When we were industrializing and growing, we didn't know any better; neither did Europe...Now we're smart enough to figure out how to have the right kind of growth.

Clinton's new climate envoy, Todd Stern, noted that China and the U.S. account for 40 percent of global carbon emissions, according to The New York Times. "This is not a matter of politics or morality or right or wrong," he said. "It is simply the unforgiving math of accumulating emissions."

At one level, he's right. Reality is reality. Carbon helps trap heat. The carbon level is rising. The Earth is warming. Disaster looms.

But the question remains whether or not the U.S. bears a special responsibility -- a moral one that the Chinese, or Indians or Bangladeshis or anyone else for that matter, simply do not bear.

Some say that the U.S. must get China and India to act on curbing emissions, or any domestic carbon cap will put American businesses at a disadvantage. Najam deconstructs that logic:

China may have surpassed the US in total emissions, but is still no where near the US in terms of per capita emissions. Each Chinese still only emits a fraction of what each American emits and therefore there is something quite pungent about the idea that somehow there is moral equivalence between US and Chinese emissions. Many Indian scholars also raise the issue of 'survival emissions' versus 'luxury emissions.'

There are those, of course, who see the warming as a vague abstraction, a long-term problem that has no particular moral consequences attached. Others disagree.

In his new book Forecast: The Consequences of Climate Change, from the Amazon to the Arctic, from Darfur to Napa Valley, the journalist Stephan Faris takes a close look at the impacts of climate change on conflicts, poverty, and general misery around the world.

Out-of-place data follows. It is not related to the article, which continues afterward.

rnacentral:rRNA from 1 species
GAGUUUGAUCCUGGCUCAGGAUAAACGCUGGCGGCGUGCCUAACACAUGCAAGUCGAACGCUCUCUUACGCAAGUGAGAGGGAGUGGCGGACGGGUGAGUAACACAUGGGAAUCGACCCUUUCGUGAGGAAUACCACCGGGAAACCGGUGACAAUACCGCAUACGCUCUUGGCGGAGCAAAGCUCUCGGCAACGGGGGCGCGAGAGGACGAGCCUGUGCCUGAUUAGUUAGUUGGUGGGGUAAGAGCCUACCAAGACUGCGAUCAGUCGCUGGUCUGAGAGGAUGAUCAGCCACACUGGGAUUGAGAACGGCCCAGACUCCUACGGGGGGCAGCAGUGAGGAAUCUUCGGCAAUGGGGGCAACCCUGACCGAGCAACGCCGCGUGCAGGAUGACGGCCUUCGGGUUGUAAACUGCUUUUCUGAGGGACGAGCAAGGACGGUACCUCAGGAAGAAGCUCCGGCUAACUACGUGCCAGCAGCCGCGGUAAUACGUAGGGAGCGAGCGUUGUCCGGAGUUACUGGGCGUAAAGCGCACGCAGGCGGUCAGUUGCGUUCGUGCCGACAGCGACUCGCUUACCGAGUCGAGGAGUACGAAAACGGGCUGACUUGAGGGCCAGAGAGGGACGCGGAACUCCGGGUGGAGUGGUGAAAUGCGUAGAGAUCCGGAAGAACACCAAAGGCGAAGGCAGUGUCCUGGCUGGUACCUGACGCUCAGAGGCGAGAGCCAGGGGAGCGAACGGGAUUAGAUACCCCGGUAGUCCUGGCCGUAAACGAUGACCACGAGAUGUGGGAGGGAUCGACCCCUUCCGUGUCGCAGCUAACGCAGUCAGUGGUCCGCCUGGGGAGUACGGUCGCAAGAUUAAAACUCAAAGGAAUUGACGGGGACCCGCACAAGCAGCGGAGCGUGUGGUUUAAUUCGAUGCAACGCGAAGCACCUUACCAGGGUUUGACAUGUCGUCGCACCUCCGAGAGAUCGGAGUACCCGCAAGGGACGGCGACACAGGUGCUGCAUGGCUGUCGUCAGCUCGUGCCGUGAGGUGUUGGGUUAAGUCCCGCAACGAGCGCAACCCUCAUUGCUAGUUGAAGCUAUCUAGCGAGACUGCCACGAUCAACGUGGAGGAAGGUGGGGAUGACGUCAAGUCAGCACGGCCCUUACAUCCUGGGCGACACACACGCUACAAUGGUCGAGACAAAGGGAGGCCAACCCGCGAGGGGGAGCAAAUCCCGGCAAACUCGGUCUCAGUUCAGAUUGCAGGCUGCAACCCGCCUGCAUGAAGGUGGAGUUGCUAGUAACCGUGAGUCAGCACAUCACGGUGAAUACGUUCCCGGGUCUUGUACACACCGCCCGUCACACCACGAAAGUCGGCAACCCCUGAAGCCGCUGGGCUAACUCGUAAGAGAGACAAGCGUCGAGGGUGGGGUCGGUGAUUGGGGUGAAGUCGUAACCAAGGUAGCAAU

He builds a case -- and many analysts here and abroad concur -- that climate change has played some role in causing the strife and genocide in Sudan. Faris concludes,

Of all the repercussions of climate change on the killing in Darfur, one of the most significant may be moral. If the region's collapse was in part caused by the emissions from our factories, our power plants, and our cars, we bear some responsibility for the dying.

For the skeptics who think his conclusions have outrun the evidence, Faris gives a nuanced comparison, which rests on the fact that drought and swings in climate make impoverished societies more vulnerable and susceptible to conflict:

The impact of climate change on a country is analogous to the effect of hunger on a person. If a starving man succumbed to tuberculosis or was shot while stealing a piece of bread, you wouldn't say he had died because he didn't eat. But hunger played a role in his death. Global warming by itself doesn't launch wars, rebellions, or campaigns of ethnic cleansing.

In other words, the causal chain of responsibility may be difficult to trace precisely. And no one would argue the U.S. is the only culprit. But there is nevertheless a connection.

As Clinton implies, America helped start this climate mess. Now the question looms what steps -- or even just signals -- the country is willing to put forth this year to end it.